Lemon Sharks Facts!

Lemon Shark by Albert Kok cc3.0

Lemon Sharks Facts!

Lemon Shark by Albert Kok cc3.0

The Lemon Shark gets its name from its yellow coloured body, though its belly is off-white. The shark inhabits coastal areas and its coloration provides it a camouflage against sandy sea floor. It is mostly found in subtropical waters, and it picks its habitat where the water is shallow with rocky or sandy floors. It is known to return to specific nursery sites for breeding; nursery sites are the shallow-water mangrove areas that the lemon sharks live in or near. They grow to an average of 8-10 feet in length. Female lemon sharks are viviparous, i.e. they give birth to live young instead of laying eggs.


Electroreceptors in a sharks head, including Ampullae of Lorenzini and Lateral Line canals. By Chris_huh image

The eyesight of this shark is not very good so it relies on its sense of smell to catch prey. However at night, it makes use of electroreceptors in its head called ampullae of Lorenzini. These electroreceptors can detect the electrical pulses emitted by prey. This helps the shark to track prey at night.

Lemon Shark Prey

Feeding lemon shark, Oregon Coast by University of Aberdeen cc4.0

The diet of the shark consists of mainly fish including catfish, mullet, stingrays etc, and also crustaceans and mollusks. It feeds on prey that is slow, and easier to catch by stalking. When the shark has a grip on the prey with its jaws, it will shake its head from side to side so that a good chunk of meat will tear off from the prey.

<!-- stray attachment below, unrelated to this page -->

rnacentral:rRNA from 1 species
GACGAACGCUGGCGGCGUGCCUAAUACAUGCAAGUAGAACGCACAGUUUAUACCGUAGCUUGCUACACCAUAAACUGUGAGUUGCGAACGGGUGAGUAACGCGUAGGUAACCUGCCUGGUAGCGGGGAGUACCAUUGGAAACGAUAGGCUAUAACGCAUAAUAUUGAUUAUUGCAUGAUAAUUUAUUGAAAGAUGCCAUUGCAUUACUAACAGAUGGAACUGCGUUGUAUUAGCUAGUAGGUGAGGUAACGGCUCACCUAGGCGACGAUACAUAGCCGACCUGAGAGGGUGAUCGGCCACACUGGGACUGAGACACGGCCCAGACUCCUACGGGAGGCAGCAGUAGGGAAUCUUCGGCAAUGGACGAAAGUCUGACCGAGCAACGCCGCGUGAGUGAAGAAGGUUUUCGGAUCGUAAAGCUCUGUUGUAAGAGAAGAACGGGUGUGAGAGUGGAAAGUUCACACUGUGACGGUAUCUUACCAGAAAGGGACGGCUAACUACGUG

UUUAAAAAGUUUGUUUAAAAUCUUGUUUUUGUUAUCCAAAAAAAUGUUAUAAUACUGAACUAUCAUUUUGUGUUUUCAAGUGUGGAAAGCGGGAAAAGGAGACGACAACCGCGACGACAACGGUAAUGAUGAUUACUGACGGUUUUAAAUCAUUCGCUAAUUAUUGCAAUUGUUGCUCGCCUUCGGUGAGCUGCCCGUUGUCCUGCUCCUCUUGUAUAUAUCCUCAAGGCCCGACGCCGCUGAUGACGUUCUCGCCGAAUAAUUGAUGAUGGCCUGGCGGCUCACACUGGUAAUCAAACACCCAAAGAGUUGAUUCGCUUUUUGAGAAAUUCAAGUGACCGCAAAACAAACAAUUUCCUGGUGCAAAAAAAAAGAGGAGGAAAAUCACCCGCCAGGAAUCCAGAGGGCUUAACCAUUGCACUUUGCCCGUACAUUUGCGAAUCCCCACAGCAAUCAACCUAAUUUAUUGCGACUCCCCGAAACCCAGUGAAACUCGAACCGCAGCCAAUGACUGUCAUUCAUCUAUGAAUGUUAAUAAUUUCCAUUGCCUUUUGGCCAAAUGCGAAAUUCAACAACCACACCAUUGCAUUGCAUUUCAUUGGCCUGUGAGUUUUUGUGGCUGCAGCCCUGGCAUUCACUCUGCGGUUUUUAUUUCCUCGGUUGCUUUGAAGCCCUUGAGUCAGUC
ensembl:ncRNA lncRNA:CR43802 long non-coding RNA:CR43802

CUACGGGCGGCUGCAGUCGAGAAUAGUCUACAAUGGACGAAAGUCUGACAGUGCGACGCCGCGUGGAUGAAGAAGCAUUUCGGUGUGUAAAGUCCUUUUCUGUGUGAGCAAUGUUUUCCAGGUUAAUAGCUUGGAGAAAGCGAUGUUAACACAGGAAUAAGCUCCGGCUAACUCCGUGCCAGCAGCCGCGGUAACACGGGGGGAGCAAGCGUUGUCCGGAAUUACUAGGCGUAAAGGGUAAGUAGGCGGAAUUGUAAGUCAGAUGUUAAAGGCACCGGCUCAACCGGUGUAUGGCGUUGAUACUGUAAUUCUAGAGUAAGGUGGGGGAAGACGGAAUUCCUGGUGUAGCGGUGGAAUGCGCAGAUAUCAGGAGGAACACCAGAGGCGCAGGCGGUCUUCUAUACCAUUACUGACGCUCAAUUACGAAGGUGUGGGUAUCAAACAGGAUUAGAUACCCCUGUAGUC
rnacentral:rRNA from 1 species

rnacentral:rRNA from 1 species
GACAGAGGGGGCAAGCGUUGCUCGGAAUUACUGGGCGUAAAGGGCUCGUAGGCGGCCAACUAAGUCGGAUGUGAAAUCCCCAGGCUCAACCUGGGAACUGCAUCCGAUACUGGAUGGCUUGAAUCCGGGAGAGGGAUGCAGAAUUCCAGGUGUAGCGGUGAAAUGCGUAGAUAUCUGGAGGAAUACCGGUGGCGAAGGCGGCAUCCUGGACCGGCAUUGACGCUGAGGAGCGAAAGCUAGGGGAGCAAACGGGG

Lemon Shark Videos

The YouTube video below contains a playlist of 5 videos about Lemon sharks. The list of videos featured is underneath.

Click to go back to the book page and video list…
Sharks! Books

The Playlist:

  1. Lemon Sharks by National Geographic. Not all sharks are solitary animals. The lemon shark rests with friends.
  2. Lemon Sharks by Thierry Minet. Bahamas, November 2008 with Thierry Minet and some Lemon Sharks.
  3. Juvenile Lemon Shark Research – Bimini, Bahamas – 2012 by CJ Crooks. Staff and volunteers at the Bimini Biological Field Station ‘Sharklab’ catch and tag four juvenile lemon sharks (Negaprion brevirostris) at a nursery in East Bimini, Bahamas.Researchers attach accelerometers to the dorsal fin of the sharks. This tag aids in determining field metabolic rate of the species. The sharks are then released to the wild for five days whilst the tags collect data.Sharks are subsequently re-caught, the tags are removed and the sharks are then re-released back into the wild.
  4. Untamed Americas : Lemon Shark Birth by National Geographic. A lemon shark’s birth, captured on camera for the first time.
  5. Taxi the Lemon Shark – SDM Blog # 13 by Eli Martinez. This is a blog about one of Eli’s favorite sharks – a lemon shark named Taxi.


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